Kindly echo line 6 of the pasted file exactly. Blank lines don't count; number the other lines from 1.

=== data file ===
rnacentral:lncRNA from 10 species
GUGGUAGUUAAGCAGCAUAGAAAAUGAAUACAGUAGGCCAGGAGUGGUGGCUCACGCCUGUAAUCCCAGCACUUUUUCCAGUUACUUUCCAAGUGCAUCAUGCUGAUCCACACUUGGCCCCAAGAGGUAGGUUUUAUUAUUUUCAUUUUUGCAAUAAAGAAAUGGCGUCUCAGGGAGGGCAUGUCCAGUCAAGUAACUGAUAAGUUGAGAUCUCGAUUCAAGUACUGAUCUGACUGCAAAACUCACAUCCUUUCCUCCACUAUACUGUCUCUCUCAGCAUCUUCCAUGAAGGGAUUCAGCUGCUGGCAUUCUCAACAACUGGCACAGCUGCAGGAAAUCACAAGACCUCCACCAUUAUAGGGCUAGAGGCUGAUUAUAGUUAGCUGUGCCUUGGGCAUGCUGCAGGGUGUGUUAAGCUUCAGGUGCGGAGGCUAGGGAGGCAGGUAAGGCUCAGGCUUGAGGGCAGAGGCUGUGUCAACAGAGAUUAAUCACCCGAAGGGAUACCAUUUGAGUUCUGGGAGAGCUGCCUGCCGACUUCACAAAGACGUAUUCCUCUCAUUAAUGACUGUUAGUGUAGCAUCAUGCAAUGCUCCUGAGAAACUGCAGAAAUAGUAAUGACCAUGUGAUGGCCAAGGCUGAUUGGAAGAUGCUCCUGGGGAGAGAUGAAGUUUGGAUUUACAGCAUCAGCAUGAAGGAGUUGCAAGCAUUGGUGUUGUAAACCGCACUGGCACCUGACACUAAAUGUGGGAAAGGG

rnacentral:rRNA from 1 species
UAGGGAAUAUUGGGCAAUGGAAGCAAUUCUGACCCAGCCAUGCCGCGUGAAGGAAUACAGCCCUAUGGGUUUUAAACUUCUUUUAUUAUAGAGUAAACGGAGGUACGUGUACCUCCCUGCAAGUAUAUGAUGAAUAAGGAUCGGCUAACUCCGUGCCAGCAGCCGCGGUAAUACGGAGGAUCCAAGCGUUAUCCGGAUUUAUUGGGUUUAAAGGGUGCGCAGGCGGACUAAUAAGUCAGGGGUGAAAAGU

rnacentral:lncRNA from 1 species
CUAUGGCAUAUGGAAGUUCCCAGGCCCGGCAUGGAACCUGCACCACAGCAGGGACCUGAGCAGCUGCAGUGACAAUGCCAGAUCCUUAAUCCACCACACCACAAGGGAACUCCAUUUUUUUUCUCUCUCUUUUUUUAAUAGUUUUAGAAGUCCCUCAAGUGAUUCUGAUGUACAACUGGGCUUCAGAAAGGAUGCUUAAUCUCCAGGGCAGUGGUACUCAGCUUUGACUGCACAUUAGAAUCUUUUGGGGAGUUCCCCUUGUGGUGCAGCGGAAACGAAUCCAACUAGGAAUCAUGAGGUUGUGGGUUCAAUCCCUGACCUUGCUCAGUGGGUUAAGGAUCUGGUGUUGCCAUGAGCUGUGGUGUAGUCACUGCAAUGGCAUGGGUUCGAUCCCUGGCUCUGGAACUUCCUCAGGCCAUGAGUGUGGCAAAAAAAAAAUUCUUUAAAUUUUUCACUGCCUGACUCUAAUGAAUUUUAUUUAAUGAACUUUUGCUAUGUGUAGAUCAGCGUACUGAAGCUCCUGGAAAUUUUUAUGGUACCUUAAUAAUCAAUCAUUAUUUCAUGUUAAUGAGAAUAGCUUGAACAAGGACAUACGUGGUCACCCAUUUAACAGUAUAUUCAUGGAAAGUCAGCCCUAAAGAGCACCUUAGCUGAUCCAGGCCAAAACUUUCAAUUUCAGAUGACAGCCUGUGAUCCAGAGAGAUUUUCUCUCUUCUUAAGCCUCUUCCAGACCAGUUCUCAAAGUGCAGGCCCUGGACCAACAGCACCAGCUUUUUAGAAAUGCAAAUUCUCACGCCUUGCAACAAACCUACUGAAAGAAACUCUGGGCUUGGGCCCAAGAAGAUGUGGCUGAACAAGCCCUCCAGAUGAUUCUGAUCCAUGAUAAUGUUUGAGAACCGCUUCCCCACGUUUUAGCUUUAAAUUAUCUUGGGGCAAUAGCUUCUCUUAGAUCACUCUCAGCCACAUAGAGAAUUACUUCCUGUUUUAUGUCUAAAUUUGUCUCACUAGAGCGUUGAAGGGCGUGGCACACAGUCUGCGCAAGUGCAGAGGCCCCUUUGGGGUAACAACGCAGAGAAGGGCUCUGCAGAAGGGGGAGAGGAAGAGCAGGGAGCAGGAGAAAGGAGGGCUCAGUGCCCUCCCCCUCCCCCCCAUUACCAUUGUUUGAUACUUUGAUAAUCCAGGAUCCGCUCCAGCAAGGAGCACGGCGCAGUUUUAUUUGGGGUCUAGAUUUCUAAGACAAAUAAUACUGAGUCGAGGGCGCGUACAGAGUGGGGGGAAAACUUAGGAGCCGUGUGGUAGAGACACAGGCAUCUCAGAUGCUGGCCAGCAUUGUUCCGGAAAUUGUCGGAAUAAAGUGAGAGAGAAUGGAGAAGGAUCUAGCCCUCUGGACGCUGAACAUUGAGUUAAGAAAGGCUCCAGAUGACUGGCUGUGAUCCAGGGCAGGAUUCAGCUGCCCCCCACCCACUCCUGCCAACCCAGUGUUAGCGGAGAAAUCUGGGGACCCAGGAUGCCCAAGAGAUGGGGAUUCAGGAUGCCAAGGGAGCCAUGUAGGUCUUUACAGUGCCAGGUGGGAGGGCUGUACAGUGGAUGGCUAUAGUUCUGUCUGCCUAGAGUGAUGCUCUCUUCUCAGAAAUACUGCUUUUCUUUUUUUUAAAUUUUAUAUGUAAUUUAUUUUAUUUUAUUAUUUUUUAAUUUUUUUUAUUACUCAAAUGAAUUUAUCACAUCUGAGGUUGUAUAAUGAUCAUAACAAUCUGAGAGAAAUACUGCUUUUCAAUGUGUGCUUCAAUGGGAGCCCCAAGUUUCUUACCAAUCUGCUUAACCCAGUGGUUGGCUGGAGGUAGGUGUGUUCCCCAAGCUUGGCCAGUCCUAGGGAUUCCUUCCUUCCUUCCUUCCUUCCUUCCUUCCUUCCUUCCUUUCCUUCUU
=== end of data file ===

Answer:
CUAUGGCAUAUGGAAGUUCCCAGGCCCGGCAUGGAACCUGCACCACAGCAGGGACCUGAGCAGCUGCAGUGACAAUGCCAGAUCCUUAAUCCACCACACCACAAGGGAACUCCAUUUUUUUUCUCUCUCUUUUUUUAAUAGUUUUAGAAGUCCCUCAAGUGAUUCUGAUGUACAACUGGGCUUCAGAAAGGAUGCUUAAUCUCCAGGGCAGUGGUACUCAGCUUUGACUGCACAUUAGAAUCUUUUGGGGAGUUCCCCUUGUGGUGCAGCGGAAACGAAUCCAACUAGGAAUCAUGAGGUUGUGGGUUCAAUCCCUGACCUUGCUCAGUGGGUUAAGGAUCUGGUGUUGCCAUGAGCUGUGGUGUAGUCACUGCAAUGGCAUGGGUUCGAUCCCUGGCUCUGGAACUUCCUCAGGCCAUGAGUGUGGCAAAAAAAAAAUUCUUUAAAUUUUUCACUGCCUGACUCUAAUGAAUUUUAUUUAAUGAACUUUUGCUAUGUGUAGAUCAGCGUACUGAAGCUCCUGGAAAUUUUUAUGGUACCUUAAUAAUCAAUCAUUAUUUCAUGUUAAUGAGAAUAGCUUGAACAAGGACAUACGUGGUCACCCAUUUAACAGUAUAUUCAUGGAAAGUCAGCCCUAAAGAGCACCUUAGCUGAUCCAGGCCAAAACUUUCAAUUUCAGAUGACAGCCUGUGAUCCAGAGAGAUUUUCUCUCUUCUUAAGCCUCUUCCAGACCAGUUCUCAAAGUGCAGGCCCUGGACCAACAGCACCAGCUUUUUAGAAAUGCAAAUUCUCACGCCUUGCAACAAACCUACUGAAAGAAACUCUGGGCUUGGGCCCAAGAAGAUGUGGCUGAACAAGCCCUCCAGAUGAUUCUGAUCCAUGAUAAUGUUUGAGAACCGCUUCCCCACGUUUUAGCUUUAAAUUAUCUUGGGGCAAUAGCUUCUCUUAGAUCACUCUCAGCCACAUAGAGAAUUACUUCCUGUUUUAUGUCUAAAUUUGUCUCACUAGAGCGUUGAAGGGCGUGGCACACAGUCUGCGCAAGUGCAGAGGCCCCUUUGGGGUAACAACGCAGAGAAGGGCUCUGCAGAAGGGGGAGAGGAAGAGCAGGGAGCAGGAGAAAGGAGGGCUCAGUGCCCUCCCCCUCCCCCCCAUUACCAUUGUUUGAUACUUUGAUAAUCCAGGAUCCGCUCCAGCAAGGAGCACGGCGCAGUUUUAUUUGGGGUCUAGAUUUCUAAGACAAAUAAUACUGAGUCGAGGGCGCGUACAGAGUGGGGGGAAAACUUAGGAGCCGUGUGGUAGAGACACAGGCAUCUCAGAUGCUGGCCAGCAUUGUUCCGGAAAUUGUCGGAAUAAAGUGAGAGAGAAUGGAGAAGGAUCUAGCCCUCUGGACGCUGAACAUUGAGUUAAGAAAGGCUCCAGAUGACUGGCUGUGAUCCAGGGCAGGAUUCAGCUGCCCCCCACCCACUCCUGCCAACCCAGUGUUAGCGGAGAAAUCUGGGGACCCAGGAUGCCCAAGAGAUGGGGAUUCAGGAUGCCAAGGGAGCCAUGUAGGUCUUUACAGUGCCAGGUGGGAGGGCUGUACAGUGGAUGGCUAUAGUUCUGUCUGCCUAGAGUGAUGCUCUCUUCUCAGAAAUACUGCUUUUCUUUUUUUUAAAUUUUAUAUGUAAUUUAUUUUAUUUUAUUAUUUUUUAAUUUUUUUUAUUACUCAAAUGAAUUUAUCACAUCUGAGGUUGUAUAAUGAUCAUAACAAUCUGAGAGAAAUACUGCUUUUCAAUGUGUGCUUCAAUGGGAGCCCCAAGUUUCUUACCAAUCUGCUUAACCCAGUGGUUGGCUGGAGGUAGGUGUGUUCCCCAAGCUUGGCCAGUCCUAGGGAUUCCUUCCUUCCUUCCUUCCUUCCUUCCUUCCUUCCUUCCUUUCCUUCUU